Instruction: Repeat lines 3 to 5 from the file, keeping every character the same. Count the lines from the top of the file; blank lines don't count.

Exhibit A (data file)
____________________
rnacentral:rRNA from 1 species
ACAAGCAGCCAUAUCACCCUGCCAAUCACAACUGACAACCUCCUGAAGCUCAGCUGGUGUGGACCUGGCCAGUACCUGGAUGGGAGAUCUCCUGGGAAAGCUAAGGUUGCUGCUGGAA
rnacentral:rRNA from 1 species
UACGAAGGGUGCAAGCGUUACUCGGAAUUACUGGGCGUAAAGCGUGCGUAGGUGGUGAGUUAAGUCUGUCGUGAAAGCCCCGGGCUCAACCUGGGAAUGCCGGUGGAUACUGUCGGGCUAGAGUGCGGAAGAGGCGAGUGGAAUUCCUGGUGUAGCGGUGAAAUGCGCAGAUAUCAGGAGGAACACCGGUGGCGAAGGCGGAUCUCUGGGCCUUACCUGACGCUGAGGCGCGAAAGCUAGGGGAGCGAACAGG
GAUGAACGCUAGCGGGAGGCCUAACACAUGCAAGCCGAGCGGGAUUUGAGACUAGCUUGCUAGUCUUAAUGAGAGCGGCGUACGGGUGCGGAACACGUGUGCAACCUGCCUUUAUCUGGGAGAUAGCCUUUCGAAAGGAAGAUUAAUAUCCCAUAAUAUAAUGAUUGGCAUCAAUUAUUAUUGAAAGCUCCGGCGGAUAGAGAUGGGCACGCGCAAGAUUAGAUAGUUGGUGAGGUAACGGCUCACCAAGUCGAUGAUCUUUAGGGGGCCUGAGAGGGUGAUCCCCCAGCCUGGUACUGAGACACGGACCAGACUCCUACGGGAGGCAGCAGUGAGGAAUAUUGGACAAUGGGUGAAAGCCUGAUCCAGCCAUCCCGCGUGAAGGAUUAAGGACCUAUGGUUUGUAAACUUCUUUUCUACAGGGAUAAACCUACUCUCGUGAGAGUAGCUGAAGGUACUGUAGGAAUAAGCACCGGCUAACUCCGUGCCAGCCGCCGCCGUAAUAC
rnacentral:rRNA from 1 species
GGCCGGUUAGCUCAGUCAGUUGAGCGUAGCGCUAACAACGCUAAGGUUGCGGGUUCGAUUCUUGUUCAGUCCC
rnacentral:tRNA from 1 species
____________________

rnacentral:rRNA from 1 species
UACGAAGGGUGCAAGCGUUACUCGGAAUUACUGGGCGUAAAGCGUGCGUAGGUGGUGAGUUAAGUCUGUCGUGAAAGCCCCGGGCUCAACCUGGGAAUGCCGGUGGAUACUGUCGGGCUAGAGUGCGGAAGAGGCGAGUGGAAUUCCUGGUGUAGCGGUGAAAUGCGCAGAUAUCAGGAGGAACACCGGUGGCGAAGGCGGAUCUCUGGGCCUUACCUGACGCUGAGGCGCGAAAGCUAGGGGAGCGAACAGG
GAUGAACGCUAGCGGGAGGCCUAACACAUGCAAGCCGAGCGGGAUUUGAGACUAGCUUGCUAGUCUUAAUGAGAGCGGCGUACGGGUGCGGAACACGUGUGCAACCUGCCUUUAUCUGGGAGAUAGCCUUUCGAAAGGAAGAUUAAUAUCCCAUAAUAUAAUGAUUGGCAUCAAUUAUUAUUGAAAGCUCCGGCGGAUAGAGAUGGGCACGCGCAAGAUUAGAUAGUUGGUGAGGUAACGGCUCACCAAGUCGAUGAUCUUUAGGGGGCCUGAGAGGGUGAUCCCCCAGCCUGGUACUGAGACACGGACCAGACUCCUACGGGAGGCAGCAGUGAGGAAUAUUGGACAAUGGGUGAAAGCCUGAUCCAGCCAUCCCGCGUGAAGGAUUAAGGACCUAUGGUUUGUAAACUUCUUUUCUACAGGGAUAAACCUACUCUCGUGAGAGUAGCUGAAGGUACUGUAGGAAUAAGCACCGGCUAACUCCGUGCCAGCCGCCGCCGUAAUAC